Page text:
For example, we have had daily contact with the USS BUSH via email, phone calls and VTCs.
This is an aspect of connectivity, which folds nicely into reshaping the impact and meaning of the training function.
Question: In other words, at Fallon you are operating in a highly interactive combat learning process rather than doing stove-piped training?
That is correct.
During the month they’re here, the STRIKE team rolls up their sleeves, and we are with them 24/7 shaping and evaluating the integrated training process with them.
It’s kind of a crawl, walk, run process.
It starts at what we refer to MLT, mission level training, such as a 12 to 16 ship integrated strike against a low-level threats in both the air-to-air and surface-to-air regimes.
The threat capabilities gradually ratchet up and eventually leads to the advanced training phase, which is an A2AD 24-30 plane strike in GPS denied environments, Link-16 denied environments, et cetera, whatever that A2AD for that specific mission set is.
And in that phase we are also working with the USAF, and other non-organic assets because, in the real world, we would be working together against that sort of threat.
Question: Training to A2AD is a major challenge given range limitations and the need to tap a variety of non-carrier resources in conducting that fight.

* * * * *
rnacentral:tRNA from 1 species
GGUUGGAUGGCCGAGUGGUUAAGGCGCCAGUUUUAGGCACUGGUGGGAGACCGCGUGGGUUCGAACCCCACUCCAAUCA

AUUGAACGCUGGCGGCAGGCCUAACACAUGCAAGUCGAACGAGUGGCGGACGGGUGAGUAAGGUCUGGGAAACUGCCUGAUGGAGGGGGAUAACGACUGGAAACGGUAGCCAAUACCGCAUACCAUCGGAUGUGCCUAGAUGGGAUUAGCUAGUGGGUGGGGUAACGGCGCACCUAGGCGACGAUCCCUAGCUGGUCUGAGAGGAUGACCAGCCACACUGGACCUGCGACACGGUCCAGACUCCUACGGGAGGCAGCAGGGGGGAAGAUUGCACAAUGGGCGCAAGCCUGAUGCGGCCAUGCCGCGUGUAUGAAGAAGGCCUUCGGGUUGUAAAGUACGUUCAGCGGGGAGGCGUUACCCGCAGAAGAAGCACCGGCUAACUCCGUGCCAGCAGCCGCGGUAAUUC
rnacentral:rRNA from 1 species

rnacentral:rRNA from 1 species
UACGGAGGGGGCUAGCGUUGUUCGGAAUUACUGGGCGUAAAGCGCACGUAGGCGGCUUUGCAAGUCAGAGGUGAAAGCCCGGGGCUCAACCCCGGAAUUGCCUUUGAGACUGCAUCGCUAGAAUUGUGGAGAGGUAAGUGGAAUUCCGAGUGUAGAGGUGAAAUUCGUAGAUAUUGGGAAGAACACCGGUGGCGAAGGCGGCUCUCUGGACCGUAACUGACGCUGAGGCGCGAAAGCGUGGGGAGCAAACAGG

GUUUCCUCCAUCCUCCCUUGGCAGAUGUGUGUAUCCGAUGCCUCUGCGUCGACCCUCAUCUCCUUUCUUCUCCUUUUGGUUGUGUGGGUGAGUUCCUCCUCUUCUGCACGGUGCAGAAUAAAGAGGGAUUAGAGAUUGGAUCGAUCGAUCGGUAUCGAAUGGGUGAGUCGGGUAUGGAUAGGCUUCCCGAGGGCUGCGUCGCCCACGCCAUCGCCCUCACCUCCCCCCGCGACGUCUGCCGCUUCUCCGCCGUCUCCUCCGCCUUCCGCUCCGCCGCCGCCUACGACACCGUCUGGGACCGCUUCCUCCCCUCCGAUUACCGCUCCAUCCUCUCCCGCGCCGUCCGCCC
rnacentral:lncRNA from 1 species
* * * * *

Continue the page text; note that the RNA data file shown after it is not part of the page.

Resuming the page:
How are you training to that environment?
The current Fallon ranges – although large – are too small to train against an advanced threat, which can shoot longer than the ranges.
We need to train to a 21st Century Plus type of threat with very long-range missiles in the mix.
It is not about succeeding; it is about how are we going to do this with highest probability of success.
We are rolling in Live Virtual Constructive training to provide the extenders for our operators to work in that threat environment and to reach out to other assets – Navy and joint – which can allow us to fight in an expanded battlespace.
Question: And this approach allows you to fold in over time new blue force assets as well, for example with the Navy the F-35C or the UCAS?
It does but F-35C will be much easier to integrate than UCAS as we have a very defined capability set with the JSF but are still unclear about UCAS.
Correspondingly, we have been preparing for the introduction of the F-35C for some time, and have many involved in preparing for its introduction into the fleet.
Question: Certainly, the fight against ISIL has reminded the nation once again of the flexibility of the sea base and how that flexibility really compliments other air power capabilities, which can be brought to the fight?
What is your take on the role of the sea-base in the expanded battlespace?
A key advantage of the carrier and sea-basing more generally is the ability to move to the fight with logistics support onboard.
We do not need long lead times and delicate diplomatic negotiations to move to the fight; we just sail to the fight, and given forward presence, we are probably not too far away in any case.